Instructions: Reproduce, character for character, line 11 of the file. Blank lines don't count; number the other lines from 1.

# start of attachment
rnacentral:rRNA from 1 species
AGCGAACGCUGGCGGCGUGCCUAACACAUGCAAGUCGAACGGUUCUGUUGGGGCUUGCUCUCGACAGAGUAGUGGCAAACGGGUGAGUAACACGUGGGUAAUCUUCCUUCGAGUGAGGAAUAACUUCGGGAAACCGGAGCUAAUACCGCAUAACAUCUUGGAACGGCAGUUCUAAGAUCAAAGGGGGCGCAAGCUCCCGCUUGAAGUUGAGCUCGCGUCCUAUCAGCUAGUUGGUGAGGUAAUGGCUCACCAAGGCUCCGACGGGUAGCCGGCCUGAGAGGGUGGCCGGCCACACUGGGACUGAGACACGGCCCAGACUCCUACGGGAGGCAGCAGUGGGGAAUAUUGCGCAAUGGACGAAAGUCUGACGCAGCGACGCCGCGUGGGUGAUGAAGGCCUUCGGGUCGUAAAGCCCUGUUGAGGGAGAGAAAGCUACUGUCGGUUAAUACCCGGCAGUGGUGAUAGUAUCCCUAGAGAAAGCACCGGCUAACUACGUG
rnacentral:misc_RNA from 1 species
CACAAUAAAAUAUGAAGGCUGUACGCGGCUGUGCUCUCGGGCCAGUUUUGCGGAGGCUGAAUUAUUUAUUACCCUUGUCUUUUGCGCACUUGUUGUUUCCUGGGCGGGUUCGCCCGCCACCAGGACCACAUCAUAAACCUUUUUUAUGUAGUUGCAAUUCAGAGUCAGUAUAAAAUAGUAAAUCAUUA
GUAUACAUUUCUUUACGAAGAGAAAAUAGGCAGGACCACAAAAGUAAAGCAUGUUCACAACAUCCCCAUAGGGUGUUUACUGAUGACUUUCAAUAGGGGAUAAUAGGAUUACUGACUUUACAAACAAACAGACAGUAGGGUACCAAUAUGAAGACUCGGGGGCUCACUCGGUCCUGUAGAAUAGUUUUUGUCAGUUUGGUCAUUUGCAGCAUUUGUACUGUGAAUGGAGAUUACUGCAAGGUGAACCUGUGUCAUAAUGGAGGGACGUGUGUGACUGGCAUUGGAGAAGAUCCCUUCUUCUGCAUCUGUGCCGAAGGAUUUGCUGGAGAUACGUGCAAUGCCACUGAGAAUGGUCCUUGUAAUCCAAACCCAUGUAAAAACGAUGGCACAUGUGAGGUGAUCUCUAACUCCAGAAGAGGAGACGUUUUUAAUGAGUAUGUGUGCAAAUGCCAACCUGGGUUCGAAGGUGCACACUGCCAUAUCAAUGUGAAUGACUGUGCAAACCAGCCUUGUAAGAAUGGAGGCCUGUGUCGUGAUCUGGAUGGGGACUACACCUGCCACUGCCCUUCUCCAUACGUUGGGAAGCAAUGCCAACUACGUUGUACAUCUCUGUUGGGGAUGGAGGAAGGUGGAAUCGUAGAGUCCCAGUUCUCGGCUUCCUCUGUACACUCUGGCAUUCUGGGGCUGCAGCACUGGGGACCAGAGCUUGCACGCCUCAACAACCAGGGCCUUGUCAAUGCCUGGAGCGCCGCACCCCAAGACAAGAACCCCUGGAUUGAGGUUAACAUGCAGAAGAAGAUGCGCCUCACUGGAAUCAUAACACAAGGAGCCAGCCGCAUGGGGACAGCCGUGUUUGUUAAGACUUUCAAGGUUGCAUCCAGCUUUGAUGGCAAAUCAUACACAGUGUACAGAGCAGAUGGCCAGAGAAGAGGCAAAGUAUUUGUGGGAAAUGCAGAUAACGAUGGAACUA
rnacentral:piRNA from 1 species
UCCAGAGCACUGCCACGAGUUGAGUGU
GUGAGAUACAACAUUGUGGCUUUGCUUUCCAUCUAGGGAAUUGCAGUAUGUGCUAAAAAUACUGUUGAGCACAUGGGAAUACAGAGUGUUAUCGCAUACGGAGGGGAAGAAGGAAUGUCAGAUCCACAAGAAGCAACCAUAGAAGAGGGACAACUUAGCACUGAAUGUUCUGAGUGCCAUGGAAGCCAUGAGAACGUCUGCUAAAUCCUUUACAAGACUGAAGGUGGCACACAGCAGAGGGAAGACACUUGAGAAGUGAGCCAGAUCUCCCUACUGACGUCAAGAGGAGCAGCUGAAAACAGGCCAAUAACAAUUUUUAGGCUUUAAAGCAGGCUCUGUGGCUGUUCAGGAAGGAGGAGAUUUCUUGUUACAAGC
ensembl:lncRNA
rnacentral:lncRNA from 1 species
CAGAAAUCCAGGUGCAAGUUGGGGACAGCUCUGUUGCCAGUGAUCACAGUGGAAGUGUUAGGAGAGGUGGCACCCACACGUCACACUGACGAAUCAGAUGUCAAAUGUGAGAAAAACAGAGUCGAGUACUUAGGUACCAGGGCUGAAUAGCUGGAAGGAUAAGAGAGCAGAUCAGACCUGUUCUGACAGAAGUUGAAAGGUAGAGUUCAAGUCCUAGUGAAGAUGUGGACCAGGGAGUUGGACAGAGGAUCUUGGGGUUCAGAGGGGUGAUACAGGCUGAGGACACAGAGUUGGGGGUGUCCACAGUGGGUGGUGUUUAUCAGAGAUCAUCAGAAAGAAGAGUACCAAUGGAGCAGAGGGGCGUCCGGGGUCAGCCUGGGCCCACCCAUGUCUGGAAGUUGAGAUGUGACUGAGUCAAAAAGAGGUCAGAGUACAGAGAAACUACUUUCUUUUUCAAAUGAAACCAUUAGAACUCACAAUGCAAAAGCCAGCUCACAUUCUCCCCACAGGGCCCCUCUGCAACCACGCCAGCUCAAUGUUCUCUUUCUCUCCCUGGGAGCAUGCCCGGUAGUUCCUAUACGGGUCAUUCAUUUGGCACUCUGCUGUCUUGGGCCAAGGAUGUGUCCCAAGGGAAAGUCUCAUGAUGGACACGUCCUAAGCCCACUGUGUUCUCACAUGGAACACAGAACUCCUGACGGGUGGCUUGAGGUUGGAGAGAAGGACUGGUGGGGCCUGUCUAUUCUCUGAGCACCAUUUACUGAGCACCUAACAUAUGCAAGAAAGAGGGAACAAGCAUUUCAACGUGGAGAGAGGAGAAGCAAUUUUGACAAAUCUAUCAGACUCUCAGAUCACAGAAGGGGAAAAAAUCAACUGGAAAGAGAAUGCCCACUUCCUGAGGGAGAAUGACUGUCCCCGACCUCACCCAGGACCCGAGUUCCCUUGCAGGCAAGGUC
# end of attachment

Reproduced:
CAGAAAUCCAGGUGCAAGUUGGGGACAGCUCUGUUGCCAGUGAUCACAGUGGAAGUGUUAGGAGAGGUGGCACCCACACGUCACACUGACGAAUCAGAUGUCAAAUGUGAGAAAAACAGAGUCGAGUACUUAGGUACCAGGGCUGAAUAGCUGGAAGGAUAAGAGAGCAGAUCAGACCUGUUCUGACAGAAGUUGAAAGGUAGAGUUCAAGUCCUAGUGAAGAUGUGGACCAGGGAGUUGGACAGAGGAUCUUGGGGUUCAGAGGGGUGAUACAGGCUGAGGACACAGAGUUGGGGGUGUCCACAGUGGGUGGUGUUUAUCAGAGAUCAUCAGAAAGAAGAGUACCAAUGGAGCAGAGGGGCGUCCGGGGUCAGCCUGGGCCCACCCAUGUCUGGAAGUUGAGAUGUGACUGAGUCAAAAAGAGGUCAGAGUACAGAGAAACUACUUUCUUUUUCAAAUGAAACCAUUAGAACUCACAAUGCAAAAGCCAGCUCACAUUCUCCCCACAGGGCCCCUCUGCAACCACGCCAGCUCAAUGUUCUCUUUCUCUCCCUGGGAGCAUGCCCGGUAGUUCCUAUACGGGUCAUUCAUUUGGCACUCUGCUGUCUUGGGCCAAGGAUGUGUCCCAAGGGAAAGUCUCAUGAUGGACACGUCCUAAGCCCACUGUGUUCUCACAUGGAACACAGAACUCCUGACGGGUGGCUUGAGGUUGGAGAGAAGGACUGGUGGGGCCUGUCUAUUCUCUGAGCACCAUUUACUGAGCACCUAACAUAUGCAAGAAAGAGGGAACAAGCAUUUCAACGUGGAGAGAGGAGAAGCAAUUUUGACAAAUCUAUCAGACUCUCAGAUCACAGAAGGGGAAAAAAUCAACUGGAAAGAGAAUGCCCACUUCCUGAGGGAGAAUGACUGUCCCCGACCUCACCCAGGACCCGAGUUCCCUUGCAGGCAAGGUC